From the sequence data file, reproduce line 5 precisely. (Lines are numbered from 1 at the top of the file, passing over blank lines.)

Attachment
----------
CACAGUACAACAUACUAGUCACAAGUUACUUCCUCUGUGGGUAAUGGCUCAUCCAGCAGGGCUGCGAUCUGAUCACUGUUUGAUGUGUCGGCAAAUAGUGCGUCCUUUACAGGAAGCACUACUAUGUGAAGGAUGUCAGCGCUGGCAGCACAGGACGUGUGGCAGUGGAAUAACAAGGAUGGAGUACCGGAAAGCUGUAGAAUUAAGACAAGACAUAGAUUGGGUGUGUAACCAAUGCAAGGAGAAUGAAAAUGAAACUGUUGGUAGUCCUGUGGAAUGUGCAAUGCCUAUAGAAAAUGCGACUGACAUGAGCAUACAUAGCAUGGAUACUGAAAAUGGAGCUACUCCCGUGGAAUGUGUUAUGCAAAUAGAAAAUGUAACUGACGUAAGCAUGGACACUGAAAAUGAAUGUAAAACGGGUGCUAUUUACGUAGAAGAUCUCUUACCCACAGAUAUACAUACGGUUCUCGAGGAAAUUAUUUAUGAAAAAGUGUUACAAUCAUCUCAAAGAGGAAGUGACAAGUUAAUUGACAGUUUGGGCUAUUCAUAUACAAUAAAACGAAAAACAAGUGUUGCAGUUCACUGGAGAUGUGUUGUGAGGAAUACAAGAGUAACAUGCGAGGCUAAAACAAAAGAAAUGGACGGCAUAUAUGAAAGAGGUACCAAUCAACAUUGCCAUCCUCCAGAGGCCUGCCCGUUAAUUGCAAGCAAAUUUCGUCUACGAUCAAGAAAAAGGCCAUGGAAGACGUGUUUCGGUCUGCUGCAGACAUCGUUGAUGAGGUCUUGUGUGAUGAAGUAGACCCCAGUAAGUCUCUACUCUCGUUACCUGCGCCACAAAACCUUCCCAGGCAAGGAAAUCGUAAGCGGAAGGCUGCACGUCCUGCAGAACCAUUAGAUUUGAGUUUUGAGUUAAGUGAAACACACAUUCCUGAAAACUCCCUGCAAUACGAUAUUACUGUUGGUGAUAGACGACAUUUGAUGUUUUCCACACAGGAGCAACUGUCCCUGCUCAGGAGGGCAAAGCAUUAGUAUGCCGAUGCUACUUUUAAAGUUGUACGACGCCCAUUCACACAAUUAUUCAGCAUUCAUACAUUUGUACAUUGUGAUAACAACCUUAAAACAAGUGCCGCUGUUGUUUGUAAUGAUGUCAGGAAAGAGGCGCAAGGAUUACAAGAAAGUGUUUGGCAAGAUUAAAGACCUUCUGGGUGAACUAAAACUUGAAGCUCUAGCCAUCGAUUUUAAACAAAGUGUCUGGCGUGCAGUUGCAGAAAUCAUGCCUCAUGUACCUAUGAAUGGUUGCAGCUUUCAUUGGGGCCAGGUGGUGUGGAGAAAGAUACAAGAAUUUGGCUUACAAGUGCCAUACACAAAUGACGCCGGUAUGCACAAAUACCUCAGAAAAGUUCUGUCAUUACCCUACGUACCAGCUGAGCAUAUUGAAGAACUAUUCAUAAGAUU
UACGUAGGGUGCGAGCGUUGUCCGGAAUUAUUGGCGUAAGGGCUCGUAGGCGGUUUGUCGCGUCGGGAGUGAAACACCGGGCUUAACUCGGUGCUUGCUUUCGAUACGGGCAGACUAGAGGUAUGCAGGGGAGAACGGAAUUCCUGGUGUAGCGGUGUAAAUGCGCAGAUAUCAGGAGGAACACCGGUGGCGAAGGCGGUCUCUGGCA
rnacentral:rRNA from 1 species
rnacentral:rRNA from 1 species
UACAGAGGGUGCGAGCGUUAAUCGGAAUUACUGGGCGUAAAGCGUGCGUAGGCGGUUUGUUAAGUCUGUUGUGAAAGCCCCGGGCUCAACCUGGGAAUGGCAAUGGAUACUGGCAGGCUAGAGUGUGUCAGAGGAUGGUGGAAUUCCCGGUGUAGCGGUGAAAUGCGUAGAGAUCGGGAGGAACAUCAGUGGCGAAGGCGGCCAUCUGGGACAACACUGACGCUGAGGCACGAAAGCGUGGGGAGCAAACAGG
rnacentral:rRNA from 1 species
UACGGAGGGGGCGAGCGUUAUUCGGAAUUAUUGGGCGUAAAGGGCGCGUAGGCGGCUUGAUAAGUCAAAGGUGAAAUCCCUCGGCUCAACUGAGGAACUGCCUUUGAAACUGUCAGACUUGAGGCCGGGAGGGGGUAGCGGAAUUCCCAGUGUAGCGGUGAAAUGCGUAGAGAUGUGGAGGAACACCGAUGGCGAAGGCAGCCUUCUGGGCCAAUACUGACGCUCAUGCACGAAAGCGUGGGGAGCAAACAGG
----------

UACAGAGGGUGCGAGCGUUAAUCGGAAUUACUGGGCGUAAAGCGUGCGUAGGCGGUUUGUUAAGUCUGUUGUGAAAGCCCCGGGCUCAACCUGGGAAUGGCAAUGGAUACUGGCAGGCUAGAGUGUGUCAGAGGAUGGUGGAAUUCCCGGUGUAGCGGUGAAAUGCGUAGAGAUCGGGAGGAACAUCAGUGGCGAAGGCGGCCAUCUGGGACAACACUGACGCUGAGGCACGAAAGCGUGGGGAGCAAACAGG